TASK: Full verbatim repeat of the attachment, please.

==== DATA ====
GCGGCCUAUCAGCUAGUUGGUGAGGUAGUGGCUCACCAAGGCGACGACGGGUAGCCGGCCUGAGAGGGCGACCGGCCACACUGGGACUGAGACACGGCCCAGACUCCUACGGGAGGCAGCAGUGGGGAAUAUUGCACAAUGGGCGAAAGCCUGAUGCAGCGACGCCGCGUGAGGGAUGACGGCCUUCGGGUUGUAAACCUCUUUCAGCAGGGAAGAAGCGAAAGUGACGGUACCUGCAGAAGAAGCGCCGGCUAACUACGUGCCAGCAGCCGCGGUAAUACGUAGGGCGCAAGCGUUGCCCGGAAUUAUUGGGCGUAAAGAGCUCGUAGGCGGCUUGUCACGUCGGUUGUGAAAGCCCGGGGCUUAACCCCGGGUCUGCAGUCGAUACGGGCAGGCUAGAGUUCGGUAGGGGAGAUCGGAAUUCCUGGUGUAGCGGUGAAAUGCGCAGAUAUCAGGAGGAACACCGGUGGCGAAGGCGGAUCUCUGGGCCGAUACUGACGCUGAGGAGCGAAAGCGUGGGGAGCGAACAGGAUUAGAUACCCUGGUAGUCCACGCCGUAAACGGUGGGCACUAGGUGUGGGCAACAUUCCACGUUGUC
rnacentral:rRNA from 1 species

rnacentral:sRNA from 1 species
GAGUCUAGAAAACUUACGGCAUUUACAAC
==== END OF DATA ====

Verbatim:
GCGGCCUAUCAGCUAGUUGGUGAGGUAGUGGCUCACCAAGGCGACGACGGGUAGCCGGCCUGAGAGGGCGACCGGCCACACUGGGACUGAGACACGGCCCAGACUCCUACGGGAGGCAGCAGUGGGGAAUAUUGCACAAUGGGCGAAAGCCUGAUGCAGCGACGCCGCGUGAGGGAUGACGGCCUUCGGGUUGUAAACCUCUUUCAGCAGGGAAGAAGCGAAAGUGACGGUACCUGCAGAAGAAGCGCCGGCUAACUACGUGCCAGCAGCCGCGGUAAUACGUAGGGCGCAAGCGUUGCCCGGAAUUAUUGGGCGUAAAGAGCUCGUAGGCGGCUUGUCACGUCGGUUGUGAAAGCCCGGGGCUUAACCCCGGGUCUGCAGUCGAUACGGGCAGGCUAGAGUUCGGUAGGGGAGAUCGGAAUUCCUGGUGUAGCGGUGAAAUGCGCAGAUAUCAGGAGGAACACCGGUGGCGAAGGCGGAUCUCUGGGCCGAUACUGACGCUGAGGAGCGAAAGCGUGGGGAGCGAACAGGAUUAGAUACCCUGGUAGUCCACGCCGUAAACGGUGGGCACUAGGUGUGGGCAACAUUCCACGUUGUC
rnacentral:rRNA from 1 species

rnacentral:sRNA from 1 species
GAGUCUAGAAAACUUACGGCAUUUACAAC